for example:


if “termstr” is defined in the constructor then it will take over the value set in “addr”.

There is no polling feature for serial port, therefore for this interface 1) the polling function sets the MAV status to true as soon as the input buffer is not empty; 2) then the serial port timeout is set to very short value (few ms) so that blocking commands do not freeze GUI when waiting for a line to be completed (here reading will almost always be repeated more than once).

Like for the classes GPIBDevice_NINET and VisaDevice, the current version uses an asynchronous signalling, here the property controlling it is EnableDataReceivedEvent and is set to true by default in the class constructor.   When enabled it defines a handler for the SerialPort class’ DataReceivedEvent, the handler calls WakeUp() to immediately interrupt any waiting delay.  Unlike for GPIB, each serial port has its own handler so there is no problem of making lots of unnecessary polls.  With this feature the SerialDevice class  will provide response as soon as it is completed, in both blocking and asynchronous queries.   In principle there is no reason to disable this default behavior – maybe except when you are expecting an extremely long response and want to avoid events to be fired every few incoming characters or so.  

Note that unlike protocols like GPIB, USBTMC or LXI which are defined to make things uniform, the serial port does not have any standard protocol for messages therefore it is not possible to make a plug-and-play class (like Visa) working for all serial connections.  The SerialDevice class implements a simple line-oriented protocol: each message terminates with the same special end-of-line character and there is one response message for each query. However if your device uses something different  –  such as either fixed length messages with no termination or some weird syntax where both terminated and fixed-length messages are mixed or where responses can use different termination characters depending on command – then it will be necessary to make a derived class overriding the method “ReadByteArray”.  In case this method needs to know what the command sent was to determine how to format the response, I have added a property currentactivequery which may be used to access this information.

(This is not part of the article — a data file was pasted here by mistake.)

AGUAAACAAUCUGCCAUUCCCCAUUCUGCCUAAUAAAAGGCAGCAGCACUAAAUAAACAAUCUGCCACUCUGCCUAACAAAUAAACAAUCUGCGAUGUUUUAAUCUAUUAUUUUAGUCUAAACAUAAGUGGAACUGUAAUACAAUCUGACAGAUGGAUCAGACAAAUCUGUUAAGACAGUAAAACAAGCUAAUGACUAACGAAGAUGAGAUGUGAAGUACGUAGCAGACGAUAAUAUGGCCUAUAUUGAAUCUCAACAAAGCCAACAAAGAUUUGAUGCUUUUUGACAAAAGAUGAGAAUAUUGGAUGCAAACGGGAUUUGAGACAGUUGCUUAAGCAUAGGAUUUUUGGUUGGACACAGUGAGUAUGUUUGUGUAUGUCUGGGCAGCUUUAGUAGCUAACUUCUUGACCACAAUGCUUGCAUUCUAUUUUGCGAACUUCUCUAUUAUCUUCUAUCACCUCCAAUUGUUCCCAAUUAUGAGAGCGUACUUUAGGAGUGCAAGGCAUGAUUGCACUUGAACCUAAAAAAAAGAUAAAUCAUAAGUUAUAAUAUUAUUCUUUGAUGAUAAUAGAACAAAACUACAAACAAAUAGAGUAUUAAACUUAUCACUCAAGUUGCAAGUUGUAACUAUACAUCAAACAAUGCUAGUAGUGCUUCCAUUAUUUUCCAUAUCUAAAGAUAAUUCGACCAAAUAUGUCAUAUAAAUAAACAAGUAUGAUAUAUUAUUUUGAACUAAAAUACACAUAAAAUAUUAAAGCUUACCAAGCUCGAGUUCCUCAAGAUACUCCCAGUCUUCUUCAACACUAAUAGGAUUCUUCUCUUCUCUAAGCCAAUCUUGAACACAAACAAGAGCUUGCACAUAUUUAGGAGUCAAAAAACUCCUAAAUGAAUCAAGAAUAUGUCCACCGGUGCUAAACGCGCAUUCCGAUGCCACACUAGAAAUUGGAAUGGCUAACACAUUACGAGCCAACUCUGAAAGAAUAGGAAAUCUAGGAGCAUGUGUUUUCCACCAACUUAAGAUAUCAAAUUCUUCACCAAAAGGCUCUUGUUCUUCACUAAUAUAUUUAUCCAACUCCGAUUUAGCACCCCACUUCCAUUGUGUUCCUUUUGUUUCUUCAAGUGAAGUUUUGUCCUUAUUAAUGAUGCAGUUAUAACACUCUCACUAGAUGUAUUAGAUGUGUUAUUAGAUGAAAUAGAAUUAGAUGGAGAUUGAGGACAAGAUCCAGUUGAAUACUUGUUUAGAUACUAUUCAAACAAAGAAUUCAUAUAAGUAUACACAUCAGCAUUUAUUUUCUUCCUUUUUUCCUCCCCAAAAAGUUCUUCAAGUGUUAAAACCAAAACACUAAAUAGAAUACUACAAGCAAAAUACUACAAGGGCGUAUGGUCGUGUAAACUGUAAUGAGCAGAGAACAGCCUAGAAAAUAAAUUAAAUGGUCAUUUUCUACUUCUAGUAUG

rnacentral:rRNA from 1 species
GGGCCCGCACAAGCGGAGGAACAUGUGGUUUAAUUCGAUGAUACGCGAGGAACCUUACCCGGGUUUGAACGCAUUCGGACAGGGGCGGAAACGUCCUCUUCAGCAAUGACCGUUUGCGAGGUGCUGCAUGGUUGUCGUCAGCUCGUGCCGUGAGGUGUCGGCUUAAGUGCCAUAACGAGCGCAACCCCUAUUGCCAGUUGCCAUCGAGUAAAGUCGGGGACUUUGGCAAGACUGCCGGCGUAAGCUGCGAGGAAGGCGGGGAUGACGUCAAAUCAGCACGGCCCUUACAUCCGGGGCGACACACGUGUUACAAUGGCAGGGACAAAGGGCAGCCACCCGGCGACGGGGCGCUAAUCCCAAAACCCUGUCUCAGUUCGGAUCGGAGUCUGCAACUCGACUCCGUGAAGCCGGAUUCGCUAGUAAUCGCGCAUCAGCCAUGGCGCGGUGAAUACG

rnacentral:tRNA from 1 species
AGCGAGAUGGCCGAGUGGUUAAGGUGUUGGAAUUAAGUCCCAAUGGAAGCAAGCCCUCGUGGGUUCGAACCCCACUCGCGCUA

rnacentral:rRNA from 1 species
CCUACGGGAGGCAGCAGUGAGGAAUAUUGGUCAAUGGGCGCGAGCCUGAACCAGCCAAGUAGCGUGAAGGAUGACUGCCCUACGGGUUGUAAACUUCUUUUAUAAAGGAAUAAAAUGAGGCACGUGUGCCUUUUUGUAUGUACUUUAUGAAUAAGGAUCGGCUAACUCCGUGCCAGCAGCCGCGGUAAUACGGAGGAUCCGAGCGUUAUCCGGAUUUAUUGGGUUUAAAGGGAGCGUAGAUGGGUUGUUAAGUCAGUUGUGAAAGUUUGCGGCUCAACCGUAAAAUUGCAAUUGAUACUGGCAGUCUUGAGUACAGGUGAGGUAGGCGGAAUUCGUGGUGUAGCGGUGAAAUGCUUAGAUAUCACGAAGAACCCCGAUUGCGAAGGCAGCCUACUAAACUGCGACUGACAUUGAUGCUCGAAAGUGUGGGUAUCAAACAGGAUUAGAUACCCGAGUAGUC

Writing implementations

It is easy to create derived classes to create new implementations or to tweak existing implementations for a specific configuration. There are four abstract methods to define (override):


protected abstract int ClearDevice(ref int errcode, ref string errmsg);
protected abstract int Send(string cmd, ref int errcode, ref string errmsg);
protected abstract int PollMAV(ref bool mav, ref byte statusbyte, ref int errcode, ref string errmsg);
protected abstract int ReceiveByteArray(ref byte[] arr, ref bool EOI, ref int errcode, ref string errmsg); protected abstract void DisposeDevice();


Protected MustOverride Function ClearDevice(ByRef errcode As Integer, ByRef errmsg As String) As Integer
Protected MustOverride Function Send(ByVal cmd As String, ByRef errcode As Integer, ByRef errmsg As String) As Integer